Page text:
• The smallest FOV for the given indication should be used on an individually based level. This is especially important considering the height of the FOV. 
  • Depending on the treatment needs the largest voxel size should be chosen on an individual and indication-based level.
  • Although it is important to maintain sufficient therapeutic value of the image, the radiation dose should be kept as low as possible. Change in image settings such as ultra-low dose settings, shorter exposure time, a lower amount of projections (resolution), lower beam intensity (mA), reduction of the potential (kV), and the use of automated exposure control can reduce the radiation dose.
  • Thyroid shields should be used at all times in the paediatric patient except when the area of interest is structures below, or very close to, the axial level of the top of the shield, in which situation artefacts from the shield might affect the quality.  When using tube current modulation during the scan, giving real-time feedback from the detector to the exposure control, thyroid shields should not be used. In the case of using automatic exposure control based on scout images, the thyroid shield should be positioned only after the scout images have been taken.
  • Informed consent is needed before a dental radiograph is carried out. The potential risk of using ionizing radiation should be discussed before exposing the patient to ionizing radiation. 
  • It is important to consider alternatives and X-ray free techniques during the decision-making process of exposing a patient to x rays. Repeat examinations should be avoided to prevent extra exposures.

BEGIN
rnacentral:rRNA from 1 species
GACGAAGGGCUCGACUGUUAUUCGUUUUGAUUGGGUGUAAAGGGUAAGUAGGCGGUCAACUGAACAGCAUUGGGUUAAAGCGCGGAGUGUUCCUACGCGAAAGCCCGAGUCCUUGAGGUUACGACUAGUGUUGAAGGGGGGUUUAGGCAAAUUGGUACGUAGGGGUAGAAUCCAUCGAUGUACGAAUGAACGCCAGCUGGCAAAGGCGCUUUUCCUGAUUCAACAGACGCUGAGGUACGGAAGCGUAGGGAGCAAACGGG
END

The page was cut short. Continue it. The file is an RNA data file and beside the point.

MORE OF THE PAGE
• The type of performed x-ray, dose and diagnosis should be recorded in the patient’s clinical record.
  • The paediatric dentist needs to be trained and experienced to evaluate dental radiographs. It may be required for a CBCT interpretation to be done by a maxillofacial radiologist.
  • The use of CBCT for incidental findings are not justified.
  • Use of CBCT in children with disabilities, learning difficulties,  less or non-cooperative children and adolescents who are unable to keep still during the radiographic exposure may not be indicated.

Indications of using CBCT in paediatric dentistry.

A classification of uses of CBCT adapted from the European Guidelines is listed below (14).

More recently an overview of potential clinical- based indications for dental radiographs in children and adolescents was published by EAPD which demonstrates the clinical use of CBCT as well as 2D imaging (8).

In a systematic review by De Vos et al. CBCT was mostly used in maxillofacial surgery (41%), followed by dentoalveolar issues (29 %), orthodontics (16 %) and dental implantology (11 %). CBCT was less commonly used in Endodontology, periodontology, general dentistry and forensic dentistry.


There have been several studies comparing the efficacy of detecting proximal caries using conventional radiography and CBCT.

It is important to keep in mind most of these studies were done on the permanent dentition. 

Senel et al. reported there was no significant difference in the detection of proximal caries in permanent teeth using visual inspection, film, CCD, PSP plates and CBCT (15).

Akdeniz et al. compared the accuracy of proximal caries depth measurements between limited CBCT and conventional 2-D imaging using storage phosphor and film radiography. Although the study concluded LCBCT seems to offer advantages over conventional 2-D techniques for determining the depth of small proximal carious lesions it is important to note that none of the teeth in the study were restored or in contact with restored teeth. Restorations particularly of dense material such as amalgam can cause artifacts and compromise the final diagnosis(16).

In an in-vitro study 257, non-filled approximal surfaces from human permanent premolars and molars were recorded by two intraoral digital receptors, a storage phosphor plate (Digora Optime, Soredex) and a solid-state CMOS sensor (Digora Toto, Soredex), and scanned in a cone